A failed mountaineer becomes a philanthropist after a village without a school saves his life.
Thirteen years ago this month, Greg Mortenson, a towering American with a passion for mountaineering, found himself lost and alone in the glacial expanses of Pakistan's Karakoram Himalaya. After failing to reach the summit of K2, the world's second-highest peak, he wandered for weeks, emaciated and exhausted, finally staggering into the impoverished village of Korphe. Residents had never seen a foreigner, but they took him in, sharing their meager provisions and nurturing him back to health.
As he recuperated, Mr. Mortenson was appalled to find children practicing multiplication tables by scratching numbers on the frosty ground with a stick. They had no paper or pencils, and the village could not afford $1 a day for a teacher.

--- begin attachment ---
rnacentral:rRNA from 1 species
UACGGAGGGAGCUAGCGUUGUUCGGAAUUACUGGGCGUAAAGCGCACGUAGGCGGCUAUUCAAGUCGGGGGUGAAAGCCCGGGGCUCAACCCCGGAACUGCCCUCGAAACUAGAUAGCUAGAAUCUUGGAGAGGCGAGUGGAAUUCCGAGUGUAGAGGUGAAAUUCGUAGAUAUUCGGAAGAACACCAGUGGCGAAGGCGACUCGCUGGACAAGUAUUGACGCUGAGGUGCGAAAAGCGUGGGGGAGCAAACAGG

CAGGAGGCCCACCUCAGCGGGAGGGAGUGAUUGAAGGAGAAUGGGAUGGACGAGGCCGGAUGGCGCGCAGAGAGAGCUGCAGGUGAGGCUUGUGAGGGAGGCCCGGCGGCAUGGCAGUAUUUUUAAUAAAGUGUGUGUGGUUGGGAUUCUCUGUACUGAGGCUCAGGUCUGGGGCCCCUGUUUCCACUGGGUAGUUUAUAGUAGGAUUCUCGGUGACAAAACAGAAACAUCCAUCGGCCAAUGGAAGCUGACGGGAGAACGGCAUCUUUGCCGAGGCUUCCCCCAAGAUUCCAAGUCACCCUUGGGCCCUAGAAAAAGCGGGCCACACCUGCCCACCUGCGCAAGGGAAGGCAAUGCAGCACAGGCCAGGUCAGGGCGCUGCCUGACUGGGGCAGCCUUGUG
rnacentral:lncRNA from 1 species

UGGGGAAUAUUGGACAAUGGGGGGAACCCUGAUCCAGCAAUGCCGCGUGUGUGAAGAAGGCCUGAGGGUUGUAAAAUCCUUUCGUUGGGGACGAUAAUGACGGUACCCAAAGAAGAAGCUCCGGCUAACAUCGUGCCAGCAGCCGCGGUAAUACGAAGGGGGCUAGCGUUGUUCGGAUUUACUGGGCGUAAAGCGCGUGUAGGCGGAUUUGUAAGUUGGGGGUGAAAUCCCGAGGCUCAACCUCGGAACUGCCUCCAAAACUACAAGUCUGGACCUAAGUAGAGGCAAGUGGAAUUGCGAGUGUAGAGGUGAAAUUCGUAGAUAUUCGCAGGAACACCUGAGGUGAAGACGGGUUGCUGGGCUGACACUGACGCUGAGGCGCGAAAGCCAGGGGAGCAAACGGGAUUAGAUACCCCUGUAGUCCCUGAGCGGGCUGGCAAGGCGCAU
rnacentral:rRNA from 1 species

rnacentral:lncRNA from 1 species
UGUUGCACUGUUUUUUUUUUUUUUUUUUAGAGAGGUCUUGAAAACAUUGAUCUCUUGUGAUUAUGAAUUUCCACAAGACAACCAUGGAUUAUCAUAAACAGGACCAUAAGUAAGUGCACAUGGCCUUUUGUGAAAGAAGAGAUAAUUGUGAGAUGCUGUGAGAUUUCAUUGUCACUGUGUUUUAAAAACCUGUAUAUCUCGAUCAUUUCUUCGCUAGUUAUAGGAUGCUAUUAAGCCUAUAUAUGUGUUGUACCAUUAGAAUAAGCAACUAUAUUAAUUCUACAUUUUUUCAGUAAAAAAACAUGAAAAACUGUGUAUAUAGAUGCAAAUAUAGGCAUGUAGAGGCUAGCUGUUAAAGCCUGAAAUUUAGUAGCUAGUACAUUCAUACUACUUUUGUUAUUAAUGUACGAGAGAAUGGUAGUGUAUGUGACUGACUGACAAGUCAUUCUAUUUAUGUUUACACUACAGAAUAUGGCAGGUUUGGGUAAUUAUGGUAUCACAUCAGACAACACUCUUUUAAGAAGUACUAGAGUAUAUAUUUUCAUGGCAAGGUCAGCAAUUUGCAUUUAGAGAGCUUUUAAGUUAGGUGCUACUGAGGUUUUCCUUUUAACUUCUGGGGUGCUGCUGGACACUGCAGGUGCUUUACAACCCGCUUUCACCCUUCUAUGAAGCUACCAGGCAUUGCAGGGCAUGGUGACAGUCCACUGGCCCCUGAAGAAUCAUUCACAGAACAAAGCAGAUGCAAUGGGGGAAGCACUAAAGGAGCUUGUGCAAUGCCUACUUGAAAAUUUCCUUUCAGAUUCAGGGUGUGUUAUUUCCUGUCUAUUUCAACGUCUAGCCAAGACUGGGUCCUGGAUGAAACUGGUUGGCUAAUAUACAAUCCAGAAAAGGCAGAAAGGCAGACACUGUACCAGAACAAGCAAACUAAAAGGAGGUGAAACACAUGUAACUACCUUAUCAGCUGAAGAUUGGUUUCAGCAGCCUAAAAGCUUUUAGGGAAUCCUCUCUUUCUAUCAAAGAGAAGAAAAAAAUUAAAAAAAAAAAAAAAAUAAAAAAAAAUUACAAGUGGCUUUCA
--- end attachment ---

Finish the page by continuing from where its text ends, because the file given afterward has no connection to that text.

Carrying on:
"I'm going to build you a school," Mortenson told them. "I promise."
That rash pledge marks the beginning of an extraordinary transformation from climbing bum to humanitarian, richly recounted in Three Cups of Tea. Returning to Berkeley, Calif., Mortenson lives in monkish frugality in his burgundy gas-guzzling Buick, nicknamed "La Bamba." To raise money, he works as an emergency-room nurse. He also mails 580 letters to politicians and celebrities, appealing for funds. That yields only one reply, a $100 check from Tom Brokaw, with a note wishing him well. Finally a $12,000 check from a wealthy scientist, Dr. Jean Hoerni, gives Mortenson hope to realize his dream.
If raising money is hard, transporting building materials to the remote site brings other challenges. For three days, Mortenson rides atop a rented truck precariously loaded with lumber, hammers, saws, and tin roofing. As the driver snakes along tortuous roads, Mortenson knows that any miscalculation could send the vehicle tumbling over cliffs.